An Entrepreneurship Competition Turns 5: Lessons Learned at CU-Boulder
The New Venture Challenge Championships at the University of Colorado, which wrapped up last week (see Xconomy’s coverage here), were magic. An April snowstorm did not deter more than 200 individuals from the community from packing the finals. Few things inspire like seeing entrepreneurs—especially students—solve problems by creating new companies. And the teams were great. Really great.
As a colleague said to me in a moment of post-event euphoria, “This is why we do what we do.”
Our competition, known as the CU NVC, turned five this year. It is powerful to see the NVC go from “let’s make up a competition” to, five years later, an annual institution with more than 60 teams involved. The five-year anniversary prompts reflection about what we’ve learned at CU-Boulder.
The CU NVC was hatched in 2008. From the start, we bootstrapped the NVC without a large gift or central campus support. Almost anyone could do what we’ve done. The CU NVC is not the biggest, richest, or most polished of campus startup competitions. But it makes an exceptionally high impact on those who participate and is among the most rewarding endeavors I’ve been part of during my eight years of university teaching. It has three simple goals: (1) collapse the campus: convene cross-disciplinary congregations and stimulate interaction across departments; (2) create an entrepreneurial launch pad: provide a campus platform that answers the question “where do I start if I want to do a startup?”; and (3) provide a pipeline to the community: offer a point of entry for CU students and faculty to get meaningfully involved in the region’s startup scene.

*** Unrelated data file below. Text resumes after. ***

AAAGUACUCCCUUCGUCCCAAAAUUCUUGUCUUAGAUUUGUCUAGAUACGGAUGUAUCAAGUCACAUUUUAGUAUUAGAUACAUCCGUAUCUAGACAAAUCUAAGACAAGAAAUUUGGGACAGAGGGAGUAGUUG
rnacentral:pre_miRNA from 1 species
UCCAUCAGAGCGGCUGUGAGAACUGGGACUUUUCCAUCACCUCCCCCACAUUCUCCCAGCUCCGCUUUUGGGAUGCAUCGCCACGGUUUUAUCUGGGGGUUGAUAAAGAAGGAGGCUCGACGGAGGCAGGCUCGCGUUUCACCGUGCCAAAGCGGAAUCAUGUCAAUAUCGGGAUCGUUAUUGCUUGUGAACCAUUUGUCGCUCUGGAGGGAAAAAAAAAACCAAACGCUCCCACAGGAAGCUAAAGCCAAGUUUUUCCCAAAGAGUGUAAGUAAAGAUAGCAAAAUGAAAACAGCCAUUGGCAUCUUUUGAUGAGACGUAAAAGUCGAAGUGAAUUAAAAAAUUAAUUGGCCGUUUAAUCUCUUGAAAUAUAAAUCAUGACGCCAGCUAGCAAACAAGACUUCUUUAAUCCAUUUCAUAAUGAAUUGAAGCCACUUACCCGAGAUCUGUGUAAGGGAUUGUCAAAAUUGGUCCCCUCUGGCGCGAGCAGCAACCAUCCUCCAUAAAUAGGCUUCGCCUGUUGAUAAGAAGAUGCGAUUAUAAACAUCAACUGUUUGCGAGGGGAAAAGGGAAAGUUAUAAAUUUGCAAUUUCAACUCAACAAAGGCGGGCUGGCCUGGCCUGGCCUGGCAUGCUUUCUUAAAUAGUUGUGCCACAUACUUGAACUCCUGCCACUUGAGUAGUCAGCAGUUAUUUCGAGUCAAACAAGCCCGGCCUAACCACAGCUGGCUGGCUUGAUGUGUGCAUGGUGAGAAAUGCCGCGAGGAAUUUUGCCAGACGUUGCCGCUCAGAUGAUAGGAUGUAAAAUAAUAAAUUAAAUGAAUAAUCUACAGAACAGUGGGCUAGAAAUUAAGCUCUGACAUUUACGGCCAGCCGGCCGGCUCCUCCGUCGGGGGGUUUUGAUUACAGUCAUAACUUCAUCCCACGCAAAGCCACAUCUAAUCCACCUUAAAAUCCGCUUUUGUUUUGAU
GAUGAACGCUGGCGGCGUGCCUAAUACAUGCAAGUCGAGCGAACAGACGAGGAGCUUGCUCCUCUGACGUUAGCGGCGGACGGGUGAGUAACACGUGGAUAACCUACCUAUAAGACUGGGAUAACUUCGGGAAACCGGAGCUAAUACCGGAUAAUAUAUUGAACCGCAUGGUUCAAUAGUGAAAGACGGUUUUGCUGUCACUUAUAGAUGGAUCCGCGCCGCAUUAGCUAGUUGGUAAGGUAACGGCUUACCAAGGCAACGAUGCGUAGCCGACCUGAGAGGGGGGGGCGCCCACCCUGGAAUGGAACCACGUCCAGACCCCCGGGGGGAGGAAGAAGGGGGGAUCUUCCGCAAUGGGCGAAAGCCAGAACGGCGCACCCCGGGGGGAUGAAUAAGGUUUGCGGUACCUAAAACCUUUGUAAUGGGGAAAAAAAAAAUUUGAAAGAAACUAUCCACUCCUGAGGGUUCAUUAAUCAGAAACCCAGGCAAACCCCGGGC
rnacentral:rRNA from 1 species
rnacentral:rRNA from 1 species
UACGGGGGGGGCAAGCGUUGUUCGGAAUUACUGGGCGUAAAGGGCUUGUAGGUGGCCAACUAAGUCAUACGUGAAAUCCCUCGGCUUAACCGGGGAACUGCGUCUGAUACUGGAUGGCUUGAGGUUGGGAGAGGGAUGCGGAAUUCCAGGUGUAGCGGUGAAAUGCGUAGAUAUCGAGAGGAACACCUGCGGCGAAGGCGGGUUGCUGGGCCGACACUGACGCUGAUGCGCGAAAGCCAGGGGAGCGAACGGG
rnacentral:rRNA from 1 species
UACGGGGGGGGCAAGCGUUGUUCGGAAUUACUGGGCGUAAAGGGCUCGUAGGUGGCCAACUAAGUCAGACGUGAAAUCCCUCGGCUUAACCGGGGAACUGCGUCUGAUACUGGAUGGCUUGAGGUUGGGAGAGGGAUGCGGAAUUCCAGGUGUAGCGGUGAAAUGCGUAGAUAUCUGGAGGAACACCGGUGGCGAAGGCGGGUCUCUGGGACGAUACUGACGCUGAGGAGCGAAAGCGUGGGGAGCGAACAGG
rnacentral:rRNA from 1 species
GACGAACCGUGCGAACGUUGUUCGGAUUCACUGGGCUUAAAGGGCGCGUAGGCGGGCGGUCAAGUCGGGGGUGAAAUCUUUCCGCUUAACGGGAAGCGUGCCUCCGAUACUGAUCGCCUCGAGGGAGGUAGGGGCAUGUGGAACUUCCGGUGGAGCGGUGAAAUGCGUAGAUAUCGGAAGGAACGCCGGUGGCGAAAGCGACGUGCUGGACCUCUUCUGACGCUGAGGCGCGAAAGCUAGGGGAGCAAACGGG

I’d like to think we learn more than one thing per year. In terms of things that matter, however, one insight per annum is probably about the rate of our innovation. Below are the five things we’ve learned in five years at CU-Boulder.
1. Bake campus wide engagement into the event’s DNA. The core strength of the NVC is cross-campus collaboration. From Year One’s outset, entrepreneurship entities from the business school, the law school, engineering, music, and digital arts banded together to build the NVC. Students were recruited from each of the schools to help promote the event in their home departments. Cross-campus engagement makes entrepreneurship accessible to all parts of the campus. It also becomes an important trust building exercise for organizations that should be working together but too often do not.
2. Git ‘dem menners. A co-professor, Jason Mendelson of the Foundry Group, makes merciless fun of my Nebraska-bred pronunciation of the word “mentor” because the ‘t’ gets swallowed. The word comes out “menner.” In Year Two, the NVC figured out the importance of “gitten’ ‘dem menners.” Each participating team in the NVC is offered an expert community mentor with background in the team’s area. Mentors agree to take at least two meetings with their assigned NVC team. This allows great relationships to go forward by choice, but gives unproductive relationships a stop date. The program works because mentorship is more powerful in the context of a real “problem”—e.g., a mentor advises … Next Page »
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